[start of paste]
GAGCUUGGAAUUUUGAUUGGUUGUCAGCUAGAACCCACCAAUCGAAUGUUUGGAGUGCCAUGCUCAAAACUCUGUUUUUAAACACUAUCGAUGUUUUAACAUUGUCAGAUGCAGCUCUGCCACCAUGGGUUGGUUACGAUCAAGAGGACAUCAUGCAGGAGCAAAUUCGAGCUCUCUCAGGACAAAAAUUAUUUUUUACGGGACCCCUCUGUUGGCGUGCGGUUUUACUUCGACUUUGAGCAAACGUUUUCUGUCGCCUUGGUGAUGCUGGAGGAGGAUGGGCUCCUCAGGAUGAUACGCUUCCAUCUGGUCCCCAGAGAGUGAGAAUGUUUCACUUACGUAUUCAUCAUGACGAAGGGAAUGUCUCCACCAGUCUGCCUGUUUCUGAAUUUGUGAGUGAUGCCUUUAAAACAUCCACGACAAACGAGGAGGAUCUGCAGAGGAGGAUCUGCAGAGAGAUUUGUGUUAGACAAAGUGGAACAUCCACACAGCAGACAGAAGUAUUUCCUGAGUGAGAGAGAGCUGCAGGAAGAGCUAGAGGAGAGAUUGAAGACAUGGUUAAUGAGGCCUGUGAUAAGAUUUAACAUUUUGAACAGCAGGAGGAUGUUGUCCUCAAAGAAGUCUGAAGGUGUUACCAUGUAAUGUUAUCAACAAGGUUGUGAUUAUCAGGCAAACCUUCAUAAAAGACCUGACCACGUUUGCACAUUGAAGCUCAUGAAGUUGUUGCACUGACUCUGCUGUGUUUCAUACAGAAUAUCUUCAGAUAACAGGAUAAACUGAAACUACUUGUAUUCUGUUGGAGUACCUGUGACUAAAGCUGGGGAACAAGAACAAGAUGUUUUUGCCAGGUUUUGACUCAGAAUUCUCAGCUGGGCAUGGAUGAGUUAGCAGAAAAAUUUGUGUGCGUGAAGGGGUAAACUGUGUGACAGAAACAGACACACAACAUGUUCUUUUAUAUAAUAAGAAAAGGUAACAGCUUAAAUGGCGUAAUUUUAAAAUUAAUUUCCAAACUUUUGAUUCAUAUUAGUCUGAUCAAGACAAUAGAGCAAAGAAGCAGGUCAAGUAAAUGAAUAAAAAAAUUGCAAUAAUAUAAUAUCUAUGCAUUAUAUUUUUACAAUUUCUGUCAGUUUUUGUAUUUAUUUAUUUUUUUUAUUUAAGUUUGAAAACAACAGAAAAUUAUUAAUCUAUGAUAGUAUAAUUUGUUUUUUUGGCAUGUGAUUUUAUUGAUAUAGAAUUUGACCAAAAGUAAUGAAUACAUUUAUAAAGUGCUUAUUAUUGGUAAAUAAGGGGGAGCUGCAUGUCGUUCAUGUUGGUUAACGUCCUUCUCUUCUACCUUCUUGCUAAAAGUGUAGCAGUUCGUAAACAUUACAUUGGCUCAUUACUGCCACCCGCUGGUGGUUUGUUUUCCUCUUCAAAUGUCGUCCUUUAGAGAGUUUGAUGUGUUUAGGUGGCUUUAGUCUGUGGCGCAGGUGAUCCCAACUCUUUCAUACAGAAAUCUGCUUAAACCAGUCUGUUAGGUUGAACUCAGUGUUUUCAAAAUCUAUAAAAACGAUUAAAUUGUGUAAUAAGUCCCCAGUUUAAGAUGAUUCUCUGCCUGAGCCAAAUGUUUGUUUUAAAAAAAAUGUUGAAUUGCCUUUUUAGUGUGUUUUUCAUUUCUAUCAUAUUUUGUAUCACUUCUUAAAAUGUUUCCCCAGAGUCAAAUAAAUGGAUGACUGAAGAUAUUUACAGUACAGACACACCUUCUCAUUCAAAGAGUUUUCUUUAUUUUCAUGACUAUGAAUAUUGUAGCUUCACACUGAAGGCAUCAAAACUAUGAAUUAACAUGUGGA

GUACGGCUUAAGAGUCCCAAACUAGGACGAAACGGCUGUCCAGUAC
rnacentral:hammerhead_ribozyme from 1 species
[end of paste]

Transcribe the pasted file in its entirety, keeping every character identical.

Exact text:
GAGCUUGGAAUUUUGAUUGGUUGUCAGCUAGAACCCACCAAUCGAAUGUUUGGAGUGCCAUGCUCAAAACUCUGUUUUUAAACACUAUCGAUGUUUUAACAUUGUCAGAUGCAGCUCUGCCACCAUGGGUUGGUUACGAUCAAGAGGACAUCAUGCAGGAGCAAAUUCGAGCUCUCUCAGGACAAAAAUUAUUUUUUACGGGACCCCUCUGUUGGCGUGCGGUUUUACUUCGACUUUGAGCAAACGUUUUCUGUCGCCUUGGUGAUGCUGGAGGAGGAUGGGCUCCUCAGGAUGAUACGCUUCCAUCUGGUCCCCAGAGAGUGAGAAUGUUUCACUUACGUAUUCAUCAUGACGAAGGGAAUGUCUCCACCAGUCUGCCUGUUUCUGAAUUUGUGAGUGAUGCCUUUAAAACAUCCACGACAAACGAGGAGGAUCUGCAGAGGAGGAUCUGCAGAGAGAUUUGUGUUAGACAAAGUGGAACAUCCACACAGCAGACAGAAGUAUUUCCUGAGUGAGAGAGAGCUGCAGGAAGAGCUAGAGGAGAGAUUGAAGACAUGGUUAAUGAGGCCUGUGAUAAGAUUUAACAUUUUGAACAGCAGGAGGAUGUUGUCCUCAAAGAAGUCUGAAGGUGUUACCAUGUAAUGUUAUCAACAAGGUUGUGAUUAUCAGGCAAACCUUCAUAAAAGACCUGACCACGUUUGCACAUUGAAGCUCAUGAAGUUGUUGCACUGACUCUGCUGUGUUUCAUACAGAAUAUCUUCAGAUAACAGGAUAAACUGAAACUACUUGUAUUCUGUUGGAGUACCUGUGACUAAAGCUGGGGAACAAGAACAAGAUGUUUUUGCCAGGUUUUGACUCAGAAUUCUCAGCUGGGCAUGGAUGAGUUAGCAGAAAAAUUUGUGUGCGUGAAGGGGUAAACUGUGUGACAGAAACAGACACACAACAUGUUCUUUUAUAUAAUAAGAAAAGGUAACAGCUUAAAUGGCGUAAUUUUAAAAUUAAUUUCCAAACUUUUGAUUCAUAUUAGUCUGAUCAAGACAAUAGAGCAAAGAAGCAGGUCAAGUAAAUGAAUAAAAAAAUUGCAAUAAUAUAAUAUCUAUGCAUUAUAUUUUUACAAUUUCUGUCAGUUUUUGUAUUUAUUUAUUUUUUUUAUUUAAGUUUGAAAACAACAGAAAAUUAUUAAUCUAUGAUAGUAUAAUUUGUUUUUUUGGCAUGUGAUUUUAUUGAUAUAGAAUUUGACCAAAAGUAAUGAAUACAUUUAUAAAGUGCUUAUUAUUGGUAAAUAAGGGGGAGCUGCAUGUCGUUCAUGUUGGUUAACGUCCUUCUCUUCUACCUUCUUGCUAAAAGUGUAGCAGUUCGUAAACAUUACAUUGGCUCAUUACUGCCACCCGCUGGUGGUUUGUUUUCCUCUUCAAAUGUCGUCCUUUAGAGAGUUUGAUGUGUUUAGGUGGCUUUAGUCUGUGGCGCAGGUGAUCCCAACUCUUUCAUACAGAAAUCUGCUUAAACCAGUCUGUUAGGUUGAACUCAGUGUUUUCAAAAUCUAUAAAAACGAUUAAAUUGUGUAAUAAGUCCCCAGUUUAAGAUGAUUCUCUGCCUGAGCCAAAUGUUUGUUUUAAAAAAAAUGUUGAAUUGCCUUUUUAGUGUGUUUUUCAUUUCUAUCAUAUUUUGUAUCACUUCUUAAAAUGUUUCCCCAGAGUCAAAUAAAUGGAUGACUGAAGAUAUUUACAGUACAGACACACCUUCUCAUUCAAAGAGUUUUCUUUAUUUUCAUGACUAUGAAUAUUGUAGCUUCACACUGAAGGCAUCAAAACUAUGAAUUAACAUGUGGA

GUACGGCUUAAGAGUCCCAAACUAGGACGAAACGGCUGUCCAGUAC
rnacentral:hammerhead_ribozyme from 1 species